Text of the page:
Despite our name, Flatsixes loves transaxle Porsches. Between Bradley and myself, we currently own four 944s and 924s. Project 944 GTS, (which will have an update soon, by the way) is among my favorite cars I’ve ever owned. Barring often extremely cheap early Boxsters, it’s hard to beat the 944’s smile per dollar ratio. That said, the newest 944s are nearly as old as I am. While that’s young for a human, nearly three decades is quite elderly for a sports car, especially one you want to use every day.
Enter the Subaru BRZ and Toyota 86.
Jakob and Yuri from the Straight Pipes posited that in terms of driving fun, the BR-Z is like a junior 911. We don’t think that’s accurate. While it does have a slightly Porsche-like boxer engine, that is about where the similarities between the BRZ and Porsche’s senior sports car end. I would argue that the BRZ is the spiritual heir to the 944.
An Unlikely Pair
When the nigh-identical Toyobaru twins debuted back in 2012, they were immediately the subject of criticism. While the pair offered excellent driving dynamics, their modest output has been continually under fire since their debut. In an era of 400+ horsepower Mustangs, a 200 horsepower sports coupe seems rather underwhelming. Indeed, 200 horsepower is solidly in hot hatch territory rather than sports car territory in 2019. Just a few horsepower separate the pair from my own Fiesta ST.
For long time Porsche fans, this all sounds rather familiar. When the 924 launched in the 1970s, its double-digit output wasn’t even impressive for the depths of the malaise era; a sad time when 150 horsepower Corvettes and 140 horsepower Mustang IIs were top-sellers in the United States. These criticisms followed the 924 through its first evolution into the 944. Though power was up significantly, to about 150 horsepower, the car was not going to win the stoplight drags, despite coming with a significantly higher pricetag than Corvette and Mustang.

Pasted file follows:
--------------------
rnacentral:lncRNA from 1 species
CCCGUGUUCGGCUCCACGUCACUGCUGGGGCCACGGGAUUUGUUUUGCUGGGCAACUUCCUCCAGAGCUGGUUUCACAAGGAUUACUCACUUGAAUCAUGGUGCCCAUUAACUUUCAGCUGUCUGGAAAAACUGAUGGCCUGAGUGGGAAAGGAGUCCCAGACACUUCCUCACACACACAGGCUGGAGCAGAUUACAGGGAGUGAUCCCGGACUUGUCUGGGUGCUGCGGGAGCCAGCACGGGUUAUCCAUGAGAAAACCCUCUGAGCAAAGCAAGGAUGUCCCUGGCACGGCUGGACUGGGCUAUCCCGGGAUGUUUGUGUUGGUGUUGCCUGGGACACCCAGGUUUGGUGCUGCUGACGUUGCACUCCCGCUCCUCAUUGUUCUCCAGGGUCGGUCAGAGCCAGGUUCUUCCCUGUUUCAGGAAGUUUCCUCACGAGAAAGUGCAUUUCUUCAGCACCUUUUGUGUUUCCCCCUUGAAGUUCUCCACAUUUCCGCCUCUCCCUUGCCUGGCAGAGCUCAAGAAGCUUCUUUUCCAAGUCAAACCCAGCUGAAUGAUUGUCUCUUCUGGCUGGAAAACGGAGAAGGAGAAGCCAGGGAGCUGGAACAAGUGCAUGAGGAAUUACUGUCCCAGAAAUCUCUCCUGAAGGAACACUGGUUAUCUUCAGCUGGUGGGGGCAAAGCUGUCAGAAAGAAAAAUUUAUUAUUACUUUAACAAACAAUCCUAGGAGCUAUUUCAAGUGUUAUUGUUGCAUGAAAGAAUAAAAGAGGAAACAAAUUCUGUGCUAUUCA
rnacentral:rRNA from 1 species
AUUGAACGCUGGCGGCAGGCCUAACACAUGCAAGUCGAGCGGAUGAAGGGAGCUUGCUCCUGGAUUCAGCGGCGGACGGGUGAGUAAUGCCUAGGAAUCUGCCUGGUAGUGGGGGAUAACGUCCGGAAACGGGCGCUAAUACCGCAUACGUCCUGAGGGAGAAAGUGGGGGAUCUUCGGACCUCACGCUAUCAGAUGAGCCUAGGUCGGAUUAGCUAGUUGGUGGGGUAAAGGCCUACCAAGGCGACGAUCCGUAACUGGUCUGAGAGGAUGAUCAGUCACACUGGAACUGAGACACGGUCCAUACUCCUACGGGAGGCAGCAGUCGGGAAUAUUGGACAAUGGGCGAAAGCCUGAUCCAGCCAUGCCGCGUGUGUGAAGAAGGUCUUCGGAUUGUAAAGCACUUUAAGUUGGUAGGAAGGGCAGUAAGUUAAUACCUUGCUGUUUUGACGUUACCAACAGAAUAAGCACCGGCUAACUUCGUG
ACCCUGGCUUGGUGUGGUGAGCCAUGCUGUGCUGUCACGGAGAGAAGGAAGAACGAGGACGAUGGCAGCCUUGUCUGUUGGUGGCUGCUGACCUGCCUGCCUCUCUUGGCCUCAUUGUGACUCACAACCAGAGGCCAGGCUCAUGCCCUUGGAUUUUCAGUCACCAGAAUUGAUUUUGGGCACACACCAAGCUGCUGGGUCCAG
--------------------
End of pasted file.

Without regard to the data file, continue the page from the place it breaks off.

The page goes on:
But, the 944 and the Toyobaru are not meant for that- they are designed to deliver driving pleasure in a different way. Through superbly balanced chassis, the 944 and BRZ are meant to be engaging when the road winds, not when it snaps straight. The BRZ is more overtly meant to slide than the 944, blame the low rolling resistance tires installed on most variants. With grippier rubber the BRZ can do a credible imitation of the 30-year old Porsche.
Indeed, getting out of my ~200 horsepower 944S and in to a BRZ feels more like reinterpretation than revolution. The dashes are simple, all the controls are driver oriented, even the reach from the steering wheel to the shifter is nearly the same. From the driver’s seat, the two are most clearly separated by their steering. Compared to the quick ratio rack in the Subaru, the Porsche’s sluggish rack feels rather bus-like.
The Porsches do have some advantages; where the BRZ has craved more power from the beginning, Porsche answered the brought out more powerful models midway through the 944’s life cycle. The 2.5-liter S offers slightly less power than a BRZ, but the Turbo, Turbo S, S2, and 968 all have a power advantage over the Subaru. Barring the early 8-valve cars, every 944 offers more torque than the BRZ, making it an easy car to drive in traffic.
The 944’s big aluminum four also sounds significantly better than the Subaru’s boxer, though that may just be my biases talking.
Though one car was designed as an entry-level sports-luxury car, and the other as a tuner’s dream, the Subaru/Toyota, and Porsche have a lot in common. Yuri and Jakob felt that the BRZ was like a Porsche on a budget, though that is only when compared to the 911. With the exception of rare or very low mileage cars, most 944s are still significantly cheaper than a new BRZ (or most used ones, for that matter).
For those of us who want to scratch the 944 itch, but need the security that comes with a new car and a warranty, the BRZ is about as close as you can get to the classic transaxle Porsche formula.